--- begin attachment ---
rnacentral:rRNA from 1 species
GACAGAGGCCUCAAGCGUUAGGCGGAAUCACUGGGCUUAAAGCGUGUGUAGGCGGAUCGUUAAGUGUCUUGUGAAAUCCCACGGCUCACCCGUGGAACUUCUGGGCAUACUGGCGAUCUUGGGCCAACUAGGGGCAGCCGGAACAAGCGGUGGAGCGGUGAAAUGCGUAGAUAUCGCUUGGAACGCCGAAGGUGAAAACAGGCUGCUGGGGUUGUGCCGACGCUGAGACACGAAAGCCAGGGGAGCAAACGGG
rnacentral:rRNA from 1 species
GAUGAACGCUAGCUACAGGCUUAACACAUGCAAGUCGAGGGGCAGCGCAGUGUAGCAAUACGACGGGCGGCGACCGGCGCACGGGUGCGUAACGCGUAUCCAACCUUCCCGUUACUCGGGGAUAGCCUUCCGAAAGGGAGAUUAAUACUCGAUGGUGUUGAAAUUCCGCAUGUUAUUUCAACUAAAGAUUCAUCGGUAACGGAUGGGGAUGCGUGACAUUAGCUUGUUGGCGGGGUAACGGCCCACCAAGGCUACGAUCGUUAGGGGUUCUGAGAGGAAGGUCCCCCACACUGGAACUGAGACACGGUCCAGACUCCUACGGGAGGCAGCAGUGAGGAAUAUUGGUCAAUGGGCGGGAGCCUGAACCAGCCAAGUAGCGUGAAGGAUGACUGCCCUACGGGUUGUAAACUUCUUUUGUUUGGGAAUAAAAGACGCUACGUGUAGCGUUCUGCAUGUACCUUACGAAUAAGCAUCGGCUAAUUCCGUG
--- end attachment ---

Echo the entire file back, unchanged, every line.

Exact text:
rnacentral:rRNA from 1 species
GACAGAGGCCUCAAGCGUUAGGCGGAAUCACUGGGCUUAAAGCGUGUGUAGGCGGAUCGUUAAGUGUCUUGUGAAAUCCCACGGCUCACCCGUGGAACUUCUGGGCAUACUGGCGAUCUUGGGCCAACUAGGGGCAGCCGGAACAAGCGGUGGAGCGGUGAAAUGCGUAGAUAUCGCUUGGAACGCCGAAGGUGAAAACAGGCUGCUGGGGUUGUGCCGACGCUGAGACACGAAAGCCAGGGGAGCAAACGGG
rnacentral:rRNA from 1 species
GAUGAACGCUAGCUACAGGCUUAACACAUGCAAGUCGAGGGGCAGCGCAGUGUAGCAAUACGACGGGCGGCGACCGGCGCACGGGUGCGUAACGCGUAUCCAACCUUCCCGUUACUCGGGGAUAGCCUUCCGAAAGGGAGAUUAAUACUCGAUGGUGUUGAAAUUCCGCAUGUUAUUUCAACUAAAGAUUCAUCGGUAACGGAUGGGGAUGCGUGACAUUAGCUUGUUGGCGGGGUAACGGCCCACCAAGGCUACGAUCGUUAGGGGUUCUGAGAGGAAGGUCCCCCACACUGGAACUGAGACACGGUCCAGACUCCUACGGGAGGCAGCAGUGAGGAAUAUUGGUCAAUGGGCGGGAGCCUGAACCAGCCAAGUAGCGUGAAGGAUGACUGCCCUACGGGUUGUAAACUUCUUUUGUUUGGGAAUAAAAGACGCUACGUGUAGCGUUCUGCAUGUACCUUACGAAUAAGCAUCGGCUAAUUCCGUG